Abdul Awke is a Leeds Chemical Engineering MSc graduate, and now works as an Employability and Progression Assistant at the Careers Centre where he helps final-year students with their career plans. Before starting here he admits he did nothing to help his chances of success after graduating, and here he shares 5 things he wishes he’d known during his studies…..
1. Commercial awareness
Commercial awareness is an understanding of how industries and businesses work, about knowing what’s going on in the world, and analysing the ways it might impact on your chosen sector and company. Understanding how your individual role fits within an organisation’s goals will help you judge whether a role’s right for you, and increase your chances of success, and as it’s relevant for all applications you’ll be completing it’s probably one of the most vital skills you can start developing in your final year!
2. Societies & Volunteering
Try to take part in more societies and volunteering opportunities in your final year at university! When it comes to job applications, having a good amount of society and volunteering experience can really help your CV look stronger, and can also help you in the interview stages. While academic experience is important, employers love to see that their candidates can pick up skills like leadership, teamwork and communication outside of university work too.
As a final year student, you’ll have a number of opportunities to build up useful networks during your studies. A large number of free careers fairs, events and workshops are hosted by the university, some of which specifically targeted towards final year students. These opportunities offer a really good chance to interact with employers that can offer you an insight into graduate jobs, and sometimes even a direct route in! Social media like Linkedin, Twitter and Facebook can also be used to help expand your job search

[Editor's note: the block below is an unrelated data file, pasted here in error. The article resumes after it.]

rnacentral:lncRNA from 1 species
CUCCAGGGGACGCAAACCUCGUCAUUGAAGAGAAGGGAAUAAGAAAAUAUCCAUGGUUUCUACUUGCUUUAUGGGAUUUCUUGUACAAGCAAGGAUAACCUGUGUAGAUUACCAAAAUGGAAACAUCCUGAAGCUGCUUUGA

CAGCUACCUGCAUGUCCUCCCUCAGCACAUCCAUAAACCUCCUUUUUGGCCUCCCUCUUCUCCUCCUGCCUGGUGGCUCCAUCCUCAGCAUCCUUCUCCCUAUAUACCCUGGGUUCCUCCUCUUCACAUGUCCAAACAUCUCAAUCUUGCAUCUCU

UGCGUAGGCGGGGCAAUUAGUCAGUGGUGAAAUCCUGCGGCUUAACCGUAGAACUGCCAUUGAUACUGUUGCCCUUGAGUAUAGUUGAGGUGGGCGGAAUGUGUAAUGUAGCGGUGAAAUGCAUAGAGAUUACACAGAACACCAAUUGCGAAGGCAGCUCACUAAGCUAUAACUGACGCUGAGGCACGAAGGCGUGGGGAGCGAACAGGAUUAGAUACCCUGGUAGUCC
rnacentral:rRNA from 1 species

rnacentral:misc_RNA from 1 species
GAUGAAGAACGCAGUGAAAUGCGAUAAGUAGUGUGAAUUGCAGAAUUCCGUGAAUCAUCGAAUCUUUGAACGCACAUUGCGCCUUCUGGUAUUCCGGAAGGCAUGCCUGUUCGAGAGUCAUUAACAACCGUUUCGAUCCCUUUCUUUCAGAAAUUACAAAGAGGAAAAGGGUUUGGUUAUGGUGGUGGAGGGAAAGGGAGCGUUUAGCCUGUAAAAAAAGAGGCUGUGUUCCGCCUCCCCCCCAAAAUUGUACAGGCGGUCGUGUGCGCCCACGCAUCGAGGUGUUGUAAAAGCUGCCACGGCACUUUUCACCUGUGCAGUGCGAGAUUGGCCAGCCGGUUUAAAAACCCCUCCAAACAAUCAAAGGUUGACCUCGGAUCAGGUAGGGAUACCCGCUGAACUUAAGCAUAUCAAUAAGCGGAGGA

Final year is also the last chance you have to make the most out of the contacts from your course and wider university network. People you meet through your course and extracurricular activities will have many things in common with you, and sharing your career plans, what you’ve learnt and your experiences may help you, so stay in touch with as many people as possible!
4. Tailored applications
While I was a student I greatly underestimated the importance of not only producing a great CV and cover letter, but also thoroughly researching the company you are applying to, so that you can tailor your application deliberately and specifically to the job/person specification. Employers will know immediately if you have sent them a generic, one-size-fits-all CV, and usually this isn’t enough to get you an interview. I didn’t realise this, and struggled to get past the application stages as a result!
5. Utilising the Careers service
I think this point is one I can’t stress enough, and not just because they pay my wages now!
I hadn’t realised how useful the many facilities the careers service has to offer are, and how much of a difference accessing these during my degree could have made. The services available include things like; getting help with CVs and cover letters, advice on psychometric tests, practicing face-to-face interviews and assessment centres, advice on volunteering and placements, or failing all that just having a general chat!